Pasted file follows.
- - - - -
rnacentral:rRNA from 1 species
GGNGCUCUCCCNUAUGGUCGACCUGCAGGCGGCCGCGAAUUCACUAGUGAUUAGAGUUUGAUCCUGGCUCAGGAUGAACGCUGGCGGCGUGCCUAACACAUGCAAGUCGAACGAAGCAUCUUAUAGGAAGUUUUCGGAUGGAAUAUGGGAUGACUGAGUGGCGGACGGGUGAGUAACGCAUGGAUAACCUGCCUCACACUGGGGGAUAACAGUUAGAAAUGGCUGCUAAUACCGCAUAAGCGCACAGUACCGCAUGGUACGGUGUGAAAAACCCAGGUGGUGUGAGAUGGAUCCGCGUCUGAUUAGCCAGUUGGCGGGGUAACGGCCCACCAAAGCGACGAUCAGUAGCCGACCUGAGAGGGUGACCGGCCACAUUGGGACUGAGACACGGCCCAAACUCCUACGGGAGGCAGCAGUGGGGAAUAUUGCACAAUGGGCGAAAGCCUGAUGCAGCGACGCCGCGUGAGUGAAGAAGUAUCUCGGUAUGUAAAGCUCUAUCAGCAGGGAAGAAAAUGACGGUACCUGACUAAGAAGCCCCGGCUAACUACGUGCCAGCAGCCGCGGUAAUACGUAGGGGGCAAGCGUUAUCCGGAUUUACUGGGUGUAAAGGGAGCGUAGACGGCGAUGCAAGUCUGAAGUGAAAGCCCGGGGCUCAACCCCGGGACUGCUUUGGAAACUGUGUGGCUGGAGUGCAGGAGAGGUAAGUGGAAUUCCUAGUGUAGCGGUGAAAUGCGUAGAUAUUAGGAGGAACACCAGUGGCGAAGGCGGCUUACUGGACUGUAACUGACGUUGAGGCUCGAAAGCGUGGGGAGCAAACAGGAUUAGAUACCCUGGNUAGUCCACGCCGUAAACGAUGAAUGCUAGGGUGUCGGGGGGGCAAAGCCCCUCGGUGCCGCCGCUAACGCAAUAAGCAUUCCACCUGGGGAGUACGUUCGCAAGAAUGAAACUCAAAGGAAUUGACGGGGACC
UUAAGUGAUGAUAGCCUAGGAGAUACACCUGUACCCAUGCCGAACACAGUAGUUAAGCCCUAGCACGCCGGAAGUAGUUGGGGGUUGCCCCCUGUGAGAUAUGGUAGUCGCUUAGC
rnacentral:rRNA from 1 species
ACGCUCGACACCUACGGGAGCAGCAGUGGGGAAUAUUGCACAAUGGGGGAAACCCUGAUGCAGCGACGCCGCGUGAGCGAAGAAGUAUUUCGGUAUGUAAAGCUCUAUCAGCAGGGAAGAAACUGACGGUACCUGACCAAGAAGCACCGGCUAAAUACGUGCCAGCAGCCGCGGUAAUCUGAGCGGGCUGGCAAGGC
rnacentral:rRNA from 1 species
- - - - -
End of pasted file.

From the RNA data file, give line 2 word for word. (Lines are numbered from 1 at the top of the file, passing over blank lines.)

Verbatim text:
GGNGCUCUCCCNUAUGGUCGACCUGCAGGCGGCCGCGAAUUCACUAGUGAUUAGAGUUUGAUCCUGGCUCAGGAUGAACGCUGGCGGCGUGCCUAACACAUGCAAGUCGAACGAAGCAUCUUAUAGGAAGUUUUCGGAUGGAAUAUGGGAUGACUGAGUGGCGGACGGGUGAGUAACGCAUGGAUAACCUGCCUCACACUGGGGGAUAACAGUUAGAAAUGGCUGCUAAUACCGCAUAAGCGCACAGUACCGCAUGGUACGGUGUGAAAAACCCAGGUGGUGUGAGAUGGAUCCGCGUCUGAUUAGCCAGUUGGCGGGGUAACGGCCCACCAAAGCGACGAUCAGUAGCCGACCUGAGAGGGUGACCGGCCACAUUGGGACUGAGACACGGCCCAAACUCCUACGGGAGGCAGCAGUGGGGAAUAUUGCACAAUGGGCGAAAGCCUGAUGCAGCGACGCCGCGUGAGUGAAGAAGUAUCUCGGUAUGUAAAGCUCUAUCAGCAGGGAAGAAAAUGACGGUACCUGACUAAGAAGCCCCGGCUAACUACGUGCCAGCAGCCGCGGUAAUACGUAGGGGGCAAGCGUUAUCCGGAUUUACUGGGUGUAAAGGGAGCGUAGACGGCGAUGCAAGUCUGAAGUGAAAGCCCGGGGCUCAACCCCGGGACUGCUUUGGAAACUGUGUGGCUGGAGUGCAGGAGAGGUAAGUGGAAUUCCUAGUGUAGCGGUGAAAUGCGUAGAUAUUAGGAGGAACACCAGUGGCGAAGGCGGCUUACUGGACUGUAACUGACGUUGAGGCUCGAAAGCGUGGGGAGCAAACAGGAUUAGAUACCCUGGNUAGUCCACGCCGUAAACGAUGAAUGCUAGGGUGUCGGGGGGGCAAAGCCCCUCGGUGCCGCCGCUAACGCAAUAAGCAUUCCACCUGGGGAGUACGUUCGCAAGAAUGAAACUCAAAGGAAUUGACGGGGACC